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This book shows how different a focus on gender is from one on sex, whether in scholarly thinking, professional activity or public policy-making. It indicates how incorrect contemporary renditions of the difference between them is, provides an explanation of this tension and difference based on the critical analysis of key institutions, and shows the serious consequences of this confusion for women in particular across a wide range of institutional processes and practices in North America and Western Europe.
This confusion out of the failure to understand adequately the historical origins of sex as a civil designation in a political economy and in state taxation and census concerns, and the corollary determination of spokesmen for the emerging capitalist and industrial nation state to extirpate the last vestiges of gender, given its tie to a pre-industrial kinship system found in towns and local communities.
This is a forcefully written study which integrates material from a vast range of disciplines and professional practices. It also seeks to integrate salient work in women's and feminist studies into a critique of key institutions and practices if advacned industrial societies. it uses critical theory and makes this available to students and practitioners, as well as scholars and academics.
Civil Servants and the Future of Capitalist Democracies
This text discusses the central role of bureaucratic representation as a key vehicle for representing the general interests of most citizens in a way that is consistently superior to electoral systems in representative democracies, particularly large states. Though formal elections remain indispensable, bureaucracies in the capital, public and social sectors, have used their superior expertise and continuity, combined with social policies like affirmative action and equal pay, to achieve responsible discretion and creative implementation.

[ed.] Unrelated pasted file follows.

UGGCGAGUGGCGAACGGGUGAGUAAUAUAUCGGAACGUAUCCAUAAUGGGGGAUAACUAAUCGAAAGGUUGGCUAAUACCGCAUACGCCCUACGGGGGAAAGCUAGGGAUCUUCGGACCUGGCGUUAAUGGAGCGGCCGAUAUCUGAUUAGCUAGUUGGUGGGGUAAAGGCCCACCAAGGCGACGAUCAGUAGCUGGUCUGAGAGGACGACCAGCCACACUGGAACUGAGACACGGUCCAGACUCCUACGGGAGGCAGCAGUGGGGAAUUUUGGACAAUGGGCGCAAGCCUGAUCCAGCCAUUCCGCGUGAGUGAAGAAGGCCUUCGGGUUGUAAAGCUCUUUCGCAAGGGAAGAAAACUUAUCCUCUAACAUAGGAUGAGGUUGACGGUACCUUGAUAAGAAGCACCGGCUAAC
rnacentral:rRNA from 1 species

Neo-conservatism, Legitimacy and the Theory of Public Capital
This book addresses a number of interrelated issues in the old and new political economy. The focus on globalization is generally taking the mind off questions of debt and indebtedness. Capital now has such a decided institutional edge that its legitimacy in capitalist democracies is under threat. Present developments seriously jeopardize the balance between capital, public and social institutions on which the progress and welfare of the developing world and the capitalist democracies depend. Going back to Marx, Weber and Habermas, Wilson concludes that against the backdrop of Weberian pessimism, social intellectuals still have to rise to the occasion, rather than assisting in the massive, and consequently, self-confirming prophecy that contemporary postmodernism now threatens to become.
Studies in Critical Theory and Social Science in the Age of Max Weber
This book addresses, and at the same time reflects, the impact of Max Weber on both the social sciences and on critical theory’s critique of the social sciences. Weber’s conception of ‘vocation’ is a guiding thread unifying concerns about the nature, scope and limits of theoretical thinking among social scientists, whether supportive or critical of Weber. Not surprisingly, the source of many of these concerns, whether intended or unintended, biographical or situational, is the ambiguous legacy of Weber himself. Wilson’s interrogation of Weber’s thought in articles and essays over the past 30 years, supplemented by Kemple’s insights, makes a strong case for the claim that we do indeed live in ‘the age of Weber’.